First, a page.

As the 16 days of activism against gender violence begins, we need to question the role of all faiths and how they contribute to all aspects of societal life, including violence against women and children, write LIZLE LOOTS and ELISABET LE ROUX.
It’s that time of year again. Twitter flourishing in silent screams as the bandwagon passes its favourite meeting places of opinions and outrage about gender-based violence and the 16 Days of Activism against Gender Violence. Despite the jeers and cheers of feminist activists and questions about just how much impact such activism has, we’ve seen immense growth in the campaign over the years. This year we have the Sustainable Development Goals to drive us, and the 16 Days campaign itself has approximately 5,478 organisations and groups from 187 countries and territories making waves. Many of these are rooted in faith.
We live in a secular world. Or do we? As international affairs unfold, we need to question the role of faith – all faiths – and how they undermine and/or contribute to all aspects of individual, family, community and societal life. Whether you embrace or renounce religion, faith has a role to play.
Lizle’s recent visit to Myanmar (Burma) was a reminder of the intrinsic role of faith in the lives of the Burmese people. Emerging from nearly six decades of isolation and civil war, Myanmar is reminiscent of South Africa in its first post-apartheid years. Hopeful hearts, broken minds and an emerging realisation of high levels of sexual violence within all communities regardless of background, race or tribe across this exquisite land. The difference, however, is the critical role that faith plays in war and in the pursuit of justice as a hopeful democracy looms.
In Myanmar, religion is intertwined with public or private life – even marked on a simple packet of potato crisps: “Suitable for all religions.” Faith certainly has its champions, but still, conversations reveal that women are often expelled or fined by their faith communities for their rape, rendering them more vulnerable and financially devastated while their perpetrators roam free. Yet, women remain deeply committed to their faith, and hopeful of support from their religious leaders.
Myanmar is one example of many across the globe. In conflict and post-conflict, places of worship may often be the first refuge, making faith leaders first responders to the needs of those seeking safe spaces and essential health services. In peace, conflict and post-conflict, almost all faiths demand that the hopeless, the helpless and the destitute, are loved and cared for.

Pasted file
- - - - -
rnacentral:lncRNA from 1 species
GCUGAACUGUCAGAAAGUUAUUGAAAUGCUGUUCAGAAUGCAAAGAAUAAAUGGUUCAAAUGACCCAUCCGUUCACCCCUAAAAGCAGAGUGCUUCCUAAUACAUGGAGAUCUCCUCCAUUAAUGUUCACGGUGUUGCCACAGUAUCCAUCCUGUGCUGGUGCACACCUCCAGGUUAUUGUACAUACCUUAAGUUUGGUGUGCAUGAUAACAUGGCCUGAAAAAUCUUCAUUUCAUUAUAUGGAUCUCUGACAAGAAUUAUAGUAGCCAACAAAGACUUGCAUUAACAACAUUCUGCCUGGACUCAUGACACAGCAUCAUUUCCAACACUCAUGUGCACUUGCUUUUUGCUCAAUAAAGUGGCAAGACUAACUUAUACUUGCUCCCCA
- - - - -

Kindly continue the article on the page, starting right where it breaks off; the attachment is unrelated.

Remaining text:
It has been argued that faith leaders may perpetuate violence and inequality, specifically through using scripture in harmful ways. An article by Elisabet on research done in conflict-affected African states highlights how many faith leaders are exacerbating violent attitudes: “There is a need for pastors in the field that can cope with this situation. At the moment – at best – they do not have the tools to deal with it and respond to it. At worst they are condoning and promoting it.”
It has become du jour to scoff at faith and faith communities, or to vilify them – especially in the light of recent international events. However, in doing so, we are neglecting to cooperate and collaborate with an influential sector of civil society. Our recent scoping study for UK’s DFID, lead by Elisabet, on the role of faith communities in preventing and responding to sexual and gender-based violence, makes valuable recommendations for how the secular and faith sectors can and should be working together to address violence. These include:
• There is a need to document, evaluate and disseminate evidence for faith involvement in sexual and gender-based violence prevention and response. This can be done by faith actors, researchers, policy makers, and yes, the media.
• We need rigorous programmes with longer-term, context-appropriate interventions. Not just taking programmes from America to Liberia, for instance. (In the Democratic Republic of Congo, an exciting innovation project by Tearfund UK is currently doing research and evaluating the impact of faith- based programmes.)
• Authoritative and influential opinion leaders are key for driving this. (So, Twitter experts out there, are you willing and able?)
• This should be a partnership with various stakeholders from all sectors of society
• Both faith and secular actors should actively attempt to network and collaborate – find common ground to build up the good work being done
• Donors and policy makers should include various faith actors in the development of policies and strategies that ascertain to sexual and gender-based violence
The report is not alone in recommending greater cross-sector collaboration. Cutting-edge research organisations and initiatives such as the World Bank, SVRI, SA Medical Research Council, What Works to Prevent VAWG, LSHTM and many more recommend a multi-sectoral approach to ending violence against women. This means that faith and faith communities around the world, and especially in war-torn countries, cannot be ignored any longer.
For better or worse, faith and faith communities are here and are influential, and we need to start engaging them to change harmful attitudes and behaviours in communities which contribute to violence against women and children.